Effects Of Weaning On Growing Foals

Every foal must be weaned from its dam at some point. However, when and how the weaning process is undertaken may have significant effects on the growing horse. One of the physiological responses often noted at weaning is a reduction in rate of weight gain.

In a study on Thoroughbred farms in Central Kentucky, average daily gain in the week following weaning was reduced to 33% of the rate observed before weaning. Average daily gain rebounded in the second week following weaning and then averaged about 68% of the preweaning rate in the next 8 weeks. An interesting finding was the reduced radiographic density of the cannon bone after weaning. However, in a later study at the University of Kentucky, a similar reduction in radiographic bone density was not observed after weaning.

The difference in the results may be related to the way the foals were managed at weaning. IN the first study, many of the foals were confined to stalls for several hours each day following weaning; whereas in the University of Kentucky study, foals were maintained on pasture approximately 22 hours per day and were placed in stalls only at feeding. A Michigan study recently reported that stalled yearlings also had a reduction in radiographic bone density that was not observed in age-matched controls maintained on pasture.

Another goal of the University of Kentucky study was to evaluate effect of age on weaning. Foals were weaned at either 4.5 months of age or 6.0 months of age. To compensate for possible seasonal effects, foals were matched so a 6-month old foal and a 4.5-month old foal were weaned on the same day and then kept in the same pasture. Although it was suspected that younger foals would be affected by weaning more than the older foals, weaning at an older age did not reduce the depression in average daily weight gain observed in the first week after weaning. Furthermore, at 8 months of age, there was no difference in either height at the withers or body weight between the two weaning groups.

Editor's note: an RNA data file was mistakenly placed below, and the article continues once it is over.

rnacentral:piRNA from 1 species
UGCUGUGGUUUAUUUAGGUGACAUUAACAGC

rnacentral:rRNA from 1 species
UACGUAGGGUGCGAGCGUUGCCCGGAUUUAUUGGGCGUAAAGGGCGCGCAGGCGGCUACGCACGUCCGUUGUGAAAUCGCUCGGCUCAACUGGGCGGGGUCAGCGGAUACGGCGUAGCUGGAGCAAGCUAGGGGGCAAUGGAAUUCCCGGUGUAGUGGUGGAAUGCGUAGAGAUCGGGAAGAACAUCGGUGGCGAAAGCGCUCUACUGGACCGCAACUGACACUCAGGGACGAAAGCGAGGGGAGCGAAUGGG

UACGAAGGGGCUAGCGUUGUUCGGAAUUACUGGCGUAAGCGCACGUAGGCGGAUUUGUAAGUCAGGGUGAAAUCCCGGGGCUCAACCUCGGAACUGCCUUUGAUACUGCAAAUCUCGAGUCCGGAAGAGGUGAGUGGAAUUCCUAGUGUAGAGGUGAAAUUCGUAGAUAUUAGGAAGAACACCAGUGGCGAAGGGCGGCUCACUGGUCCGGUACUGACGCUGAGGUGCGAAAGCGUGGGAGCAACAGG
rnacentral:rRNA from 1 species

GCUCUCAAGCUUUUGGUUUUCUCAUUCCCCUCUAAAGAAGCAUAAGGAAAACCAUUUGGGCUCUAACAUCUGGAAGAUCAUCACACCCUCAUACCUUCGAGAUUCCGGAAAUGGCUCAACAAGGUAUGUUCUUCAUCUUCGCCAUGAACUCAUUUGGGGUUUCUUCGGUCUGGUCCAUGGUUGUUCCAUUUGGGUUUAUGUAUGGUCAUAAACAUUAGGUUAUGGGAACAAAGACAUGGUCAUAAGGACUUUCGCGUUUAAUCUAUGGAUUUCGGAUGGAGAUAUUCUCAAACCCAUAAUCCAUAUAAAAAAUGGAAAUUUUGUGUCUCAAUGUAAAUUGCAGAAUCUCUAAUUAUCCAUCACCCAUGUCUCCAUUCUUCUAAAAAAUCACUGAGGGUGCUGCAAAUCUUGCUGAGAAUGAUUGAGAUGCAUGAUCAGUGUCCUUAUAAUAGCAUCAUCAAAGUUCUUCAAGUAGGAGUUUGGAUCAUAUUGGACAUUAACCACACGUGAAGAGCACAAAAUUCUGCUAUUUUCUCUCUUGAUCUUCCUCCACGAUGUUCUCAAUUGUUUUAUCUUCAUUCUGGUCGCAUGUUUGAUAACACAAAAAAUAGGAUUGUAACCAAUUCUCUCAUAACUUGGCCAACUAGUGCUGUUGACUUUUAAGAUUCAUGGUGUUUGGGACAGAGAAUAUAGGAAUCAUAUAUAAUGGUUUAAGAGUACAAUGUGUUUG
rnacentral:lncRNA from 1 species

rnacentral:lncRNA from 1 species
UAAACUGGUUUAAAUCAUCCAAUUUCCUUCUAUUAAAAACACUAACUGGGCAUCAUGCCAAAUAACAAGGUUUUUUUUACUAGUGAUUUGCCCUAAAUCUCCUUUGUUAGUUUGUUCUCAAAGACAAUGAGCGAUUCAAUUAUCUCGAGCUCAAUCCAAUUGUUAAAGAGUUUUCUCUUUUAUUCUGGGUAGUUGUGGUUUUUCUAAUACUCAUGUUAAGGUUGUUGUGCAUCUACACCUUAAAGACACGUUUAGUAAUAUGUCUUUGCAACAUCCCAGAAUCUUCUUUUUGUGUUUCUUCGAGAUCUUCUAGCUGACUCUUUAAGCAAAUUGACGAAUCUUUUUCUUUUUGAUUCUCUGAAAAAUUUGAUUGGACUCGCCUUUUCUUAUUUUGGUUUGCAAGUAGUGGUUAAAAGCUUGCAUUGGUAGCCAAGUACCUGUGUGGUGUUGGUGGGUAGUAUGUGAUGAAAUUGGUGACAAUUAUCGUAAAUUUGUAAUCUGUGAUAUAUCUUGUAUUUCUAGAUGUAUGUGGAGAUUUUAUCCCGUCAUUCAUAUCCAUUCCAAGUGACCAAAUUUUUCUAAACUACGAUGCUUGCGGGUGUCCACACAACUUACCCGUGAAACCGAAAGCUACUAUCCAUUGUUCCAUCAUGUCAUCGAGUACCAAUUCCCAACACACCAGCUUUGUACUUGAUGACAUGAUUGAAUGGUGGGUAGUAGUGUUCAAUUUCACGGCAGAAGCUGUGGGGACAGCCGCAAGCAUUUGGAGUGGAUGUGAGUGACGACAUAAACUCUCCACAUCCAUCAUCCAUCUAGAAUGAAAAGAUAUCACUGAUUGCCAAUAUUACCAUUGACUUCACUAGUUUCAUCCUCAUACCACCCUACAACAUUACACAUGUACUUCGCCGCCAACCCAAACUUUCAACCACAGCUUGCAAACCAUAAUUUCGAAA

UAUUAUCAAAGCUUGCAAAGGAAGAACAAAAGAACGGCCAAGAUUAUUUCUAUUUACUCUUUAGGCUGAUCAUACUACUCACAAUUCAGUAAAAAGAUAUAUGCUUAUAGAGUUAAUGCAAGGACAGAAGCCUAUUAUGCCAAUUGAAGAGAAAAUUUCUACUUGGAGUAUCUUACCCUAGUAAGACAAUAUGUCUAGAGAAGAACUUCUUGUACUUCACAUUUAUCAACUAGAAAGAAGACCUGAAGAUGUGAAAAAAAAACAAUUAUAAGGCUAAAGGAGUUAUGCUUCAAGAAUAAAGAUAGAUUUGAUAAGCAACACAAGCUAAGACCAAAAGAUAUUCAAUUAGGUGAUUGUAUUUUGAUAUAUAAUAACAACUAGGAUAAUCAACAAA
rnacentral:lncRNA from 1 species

Researchers in Virginia and New Jersey have compared single and paired weaning. In each case, foals were separated from their dams and placed in box stalls, either alone (single weaning) or with another foal (paired weaning). The Virginia Tech study found that although single-weaned foals tended to be more vocal than paired-weaned foals, cortisol responses indicated that paired weaning was more stressful than single weaning. In the Rutgers, New Jersey, study single-weaned foals had normal cell-mediated immune responsiveness whereas this response variable was depressed in the pair-weaned foals. Both studies concluded single weaning was less stressful than paired weaning.

—Dr. Laurie Lawrence, Equine Disease Quarterly, funded by Lloyd's, London, Brokers

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